Pupils work with enthusiasm and they do well. They concentrate on their tasks and work hard. Pupils listen attentively to adults and to one another. Pupils develop positive attitudes to reading.

Children settle quickly into the early years. They form positive relationships with the adults and other children in the setting. Children are caring towards one another, taking turns and helping their classmates. Adults support children in their learning well. They ask effective questions that challenge children’s thinking. Children show interest in their learning. They engage fully in tasks. Children achieve well in the early years.

The special educational needs coordinator (SENCo) knows the needs of pupils with special educational needs and/or disabilities (SEND) well. She works with teachers to plan the support these pupils need effectively. As a result, pupils with SEND fully engage in their learning and do well.

Pupils’ personal development is promoted well, in particular through personal, social, health and economic (PSHE) education. Learning in PSHE is carefully planned and sequenced. Pupils learn about and celebrate different beliefs and cultures. They respect the various beliefs that people hold. Pupils are keen to learn about, and to discuss, these different beliefs and opinions. Leaders have enhanced the curriculum with a range of opportunities to learn outdoors. During outdoor learning, pupils learn to collaborate, developing key skills in teamwork. They learn to listen to one another’s ideas and to make joint decisions.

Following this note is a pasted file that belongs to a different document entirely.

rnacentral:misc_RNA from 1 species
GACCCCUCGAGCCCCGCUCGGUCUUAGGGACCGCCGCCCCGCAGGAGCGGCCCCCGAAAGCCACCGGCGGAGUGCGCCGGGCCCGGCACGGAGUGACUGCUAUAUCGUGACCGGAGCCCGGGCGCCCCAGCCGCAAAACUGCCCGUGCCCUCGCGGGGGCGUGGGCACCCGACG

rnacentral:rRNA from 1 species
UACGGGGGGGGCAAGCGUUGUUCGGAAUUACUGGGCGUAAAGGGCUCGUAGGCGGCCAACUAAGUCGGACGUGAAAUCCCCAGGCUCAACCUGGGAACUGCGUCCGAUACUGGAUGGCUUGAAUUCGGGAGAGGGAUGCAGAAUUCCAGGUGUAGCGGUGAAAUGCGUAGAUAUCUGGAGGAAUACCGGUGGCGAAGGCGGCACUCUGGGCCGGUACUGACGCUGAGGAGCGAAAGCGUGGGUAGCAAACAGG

Safeguarding

The arrangements for safeguarding are effective.

Leaders have created a culture where pupils’ safety and welfare are a priority. Leaders have trained all staff so that they have good understanding of their safeguardingresponsibilities. All staff take appropriate action if they have any concerns about a child’s welfare.

Through the curriculum, pupils learn how to keep themselves safe. They understand the potential dangers of using social media and the internet. They have a good understanding of how to protect themselves from these dangers. For example, they know how to respond to cyber bullying.

What does the school need to do to improve?

(Information for the school and appropriate authority)

Leaders have planned a curriculum that ignites pupils’ curiosity, challenges them to take risks and encourages them to think deeply about their learning. In addition, in a number of subjects, they have carefully planned sequences of learning that enable pupils to build their knowledge and skills cumulatively towards challenging goals. In some subjects, however, sequences of learning have not been planned coherently enough. It is clear from the action leaders have already taken that they are in the process of bringing this about. Leaders must now ensure that the skills and knowledge they want pupils to acquire in art, design and technology, computing and geography are carefully planned so that pupils’ learning builds sequentially.

Background

When we have judged a school to be good we will then normally go into the school about once every four years to confirm that the school remains good. This is called a section 8 inspection of a good school or non-exempt outstanding school. We do not give graded judgements on a section 8 inspection. However, if we find some evidence that the school could now be better than good or that standards may be declining, then the next inspection will be a section 5 inspection. Usually this is within one to two years of the date of the section 8 inspection. If we have serious concerns about safeguarding, behaviour or the quality of education, we will convert the section 8 inspection to a section 5 inspection immediately.

This is the first section 8 inspection since we judged Wingrave Church of England Combined School to be good on 28–29 April 2016.